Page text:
1897 is, in human terms, quite a long time ago. Bram Stoker’s Dracula was published. Queen Victoria celebrated her diamond jubilee. Italian football giants Juventus were founded in Turin. And the word ‘computer’ was apparently used for the first time.
1897 was also the year Japanese postman Jiroemon Kimura was born. And amazingly, 116 years later, he’s still alive and kicking, leading many to speculate on what his secret might be.
Japanese people have a famously long life expectancy – the longest in the world at 86. The island nation is also home to the world’s oldest woman, who’s 115. Could it be the Japanese diet – rich in fish and rice and low in fat? Perhaps it’s a life of zesty, physical activity and fresh air? After all, Mr Kimura delivered letters until retiring at 60, before working as a farmer for the next 30 years.
Well, in light of ‘research’ carried out in Germany (in 2011, but let's not let that get in the way of a good story, eh), the Money Shot thinks it might have the answer – Jiroemon Kimura may well be leading such a long life thanks to a bit of good, old-fashioned ogling.
In news which will delight 'red blooded fellas' everywhere, it appears that staring at busty women can lengthen your life.
Dr Karen Weatherby – an expert on human ageing – said: "Just 10 minutes of looking at the charms of well-endowed females is equivalent to a 30-minute aerobics work-out," leading the Money Shot to consider tearing up its long-neglected membership to the local municipal leisure centre once and for all.
Dr Weatherby and her team spent five years monitoring men who were told to stare at bosoms daily – nice gig, if you can get it – and found that they had lower blood pressure and slower resting pulse rates. The men also had a decreased risk of coronary artery disease. Quite matter-of-factly, Dr Weatherby said: "Sexual excitement gets the heart pumping and improves blood circulation. There's no question - gazing at large breasts makes men healthier."
And it appears that bigger really is better – the Doc recommends that men over 40 should spend at least 10 minutes daily admiring breasts “sized D-cup or larger”.
Conclusive proof, then, that some old-school gawking can significantly increase your lifespan. Heck, the Money Shot is even considering seeing whether 10 minutes daily leering will have any effect on life insurance premiums – although last year’s EU gender directive may put the kibosh on that.
SHORT CHANGE – The week’s money news in brief
The Daily Mail – between waxing poetic on Margaret Thatcher and publishing another game-changing masterpiece from expert troll Samantha Brick - reported that boiler insurance may well be a bit of a swizz.
Npower has stated that it “has nothing to hide” following revelations that the energy giant paid no corporation tax on £766m of profits from 2009 to 2011. Chief exec Paul Massara played ‘the Jimmy Carr defence’, stating: “We pay all tax that is due.” Meanwhile, campaigning site 38 Degrees has ‘urged’ customers to register their disgust by switching energy supplier, while 80,000 people have signed an online petition to get the Big Six member to pay its fair share.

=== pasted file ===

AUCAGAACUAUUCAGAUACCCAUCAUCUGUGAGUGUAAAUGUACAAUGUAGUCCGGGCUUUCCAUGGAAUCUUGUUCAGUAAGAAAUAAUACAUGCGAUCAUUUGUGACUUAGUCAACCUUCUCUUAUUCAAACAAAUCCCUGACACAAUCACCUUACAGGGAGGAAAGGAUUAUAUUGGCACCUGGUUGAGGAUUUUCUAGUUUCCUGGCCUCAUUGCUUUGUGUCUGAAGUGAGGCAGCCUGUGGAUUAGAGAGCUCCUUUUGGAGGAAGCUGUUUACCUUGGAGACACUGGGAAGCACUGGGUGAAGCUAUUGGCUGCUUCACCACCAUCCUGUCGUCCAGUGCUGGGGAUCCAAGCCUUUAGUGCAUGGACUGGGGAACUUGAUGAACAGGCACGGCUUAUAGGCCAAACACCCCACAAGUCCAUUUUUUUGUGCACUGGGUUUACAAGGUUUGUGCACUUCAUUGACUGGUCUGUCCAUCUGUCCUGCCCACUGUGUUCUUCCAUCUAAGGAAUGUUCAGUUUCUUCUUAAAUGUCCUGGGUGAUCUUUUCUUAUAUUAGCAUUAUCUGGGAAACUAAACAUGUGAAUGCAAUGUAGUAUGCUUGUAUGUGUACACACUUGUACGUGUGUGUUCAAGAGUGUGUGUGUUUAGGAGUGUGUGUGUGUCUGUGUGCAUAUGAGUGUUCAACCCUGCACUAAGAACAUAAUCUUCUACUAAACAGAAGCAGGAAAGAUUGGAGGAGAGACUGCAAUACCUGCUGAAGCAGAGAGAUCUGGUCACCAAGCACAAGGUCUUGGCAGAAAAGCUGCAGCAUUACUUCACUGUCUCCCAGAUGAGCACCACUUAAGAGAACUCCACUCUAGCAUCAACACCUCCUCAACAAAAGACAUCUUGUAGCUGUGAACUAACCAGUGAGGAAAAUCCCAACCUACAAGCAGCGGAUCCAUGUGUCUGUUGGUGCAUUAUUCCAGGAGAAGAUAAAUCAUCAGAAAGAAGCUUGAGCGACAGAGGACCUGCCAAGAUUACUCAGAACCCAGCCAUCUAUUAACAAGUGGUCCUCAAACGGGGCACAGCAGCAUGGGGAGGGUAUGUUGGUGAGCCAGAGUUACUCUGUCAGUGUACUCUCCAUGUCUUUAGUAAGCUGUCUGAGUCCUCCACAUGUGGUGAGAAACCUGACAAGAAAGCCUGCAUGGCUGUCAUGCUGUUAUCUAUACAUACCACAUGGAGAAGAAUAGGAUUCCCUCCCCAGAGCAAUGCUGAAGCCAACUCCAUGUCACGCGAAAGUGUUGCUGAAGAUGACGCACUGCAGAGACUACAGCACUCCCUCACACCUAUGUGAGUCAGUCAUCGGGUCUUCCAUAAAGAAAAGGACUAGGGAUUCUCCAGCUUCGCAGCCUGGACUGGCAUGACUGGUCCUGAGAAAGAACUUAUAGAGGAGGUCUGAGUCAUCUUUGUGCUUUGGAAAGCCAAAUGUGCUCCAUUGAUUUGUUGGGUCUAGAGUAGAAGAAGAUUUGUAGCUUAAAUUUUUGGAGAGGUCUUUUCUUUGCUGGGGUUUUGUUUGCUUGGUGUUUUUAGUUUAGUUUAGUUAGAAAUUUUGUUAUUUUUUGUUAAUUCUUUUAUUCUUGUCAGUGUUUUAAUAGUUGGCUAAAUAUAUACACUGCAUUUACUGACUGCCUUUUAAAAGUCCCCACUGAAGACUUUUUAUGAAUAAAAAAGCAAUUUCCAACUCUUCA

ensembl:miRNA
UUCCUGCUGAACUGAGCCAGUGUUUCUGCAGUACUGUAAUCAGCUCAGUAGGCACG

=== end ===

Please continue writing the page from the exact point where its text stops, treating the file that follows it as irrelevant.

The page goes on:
Speaking of energy, EDF is ready to allow negotiations over Britain’s first new nuclear plant in almost 20 years to fail. For a bit more info on the matter, step this way.
A ‘petrol price war’ has broken out between the supermarkets, with Asda, Sainsbury’s, Morrisons and Tesco are all making reductions of between 1p and 3p.
ON COVERED MAG THIS WEEK
Now that petrol is coming down in price, you might want to take a look at these outrageous (and very thirsty) 4x4s, as hand-picked by Daniel Bevis. The Money Shot’s favourite is the Gaddafi-approved Lamborghini LM002. Mmm, despotic.
We could all learn a thing or two from history about how to manage our money, reckons Rebecca Lees.
In the spirit of the new Gocompare.com advert, here’s a delightful round-up of dogs who have been employed to flog stuff to the masses.
“Blame it on the weatherman,” warbled Irish beat combo B*Witched in their 1999 hit, ‘Blame It on the Weatherman.’
This week, a manager of a Welsh tourist attraction seems to have taken the advice of the ‘C’est la Vie’ songstresses quite literally, revealing plans to sue weather forecasters for lost takings.
Ashford Price, chairman of Dan Yr Ogof Caves, reckons that poor weather reporting is affecting tourism after forecasters predicted snow over Easter. This kept visitors away from the attraction - which has a remarkable collection of stalactites and model dinosaurs, and was reportedly once a hideout for Gruffudd ap Llywelyn, the Last King of Wales.
“On many occasions last year the same thing happened with predictions being made by the weather people early in the week that the weekend would contain bad weather, only for the weekend in fact to turn out to be free of rain,” thundered Price.
However, a legal expert quickly threw a wet blanket over Price’s plan. A spokeswoman for solicitor Irwin Mitchell – possibly whilst peering up from a large, turgid legal tome - said: To claim for a weather forecaster being negligent, there firstly must have been a duty of care put in place between that forecaster and the individual for a breach of that duty to be recognised, and therefore causing loss to that particular person.”
“Obviously there was no contract with any weather station in the first place, and nor would there ever be with a member of the public, or broadcasters could never predict the weather again.”
Well, that’s that sorted. To play us out, here are Sinead, Keavy, Edele and Lindsay with a song which seems to sum up Price’s frustrations all too succinctly.
JOIN US next week for another THRILLING instalment of THE MONEY SHOT.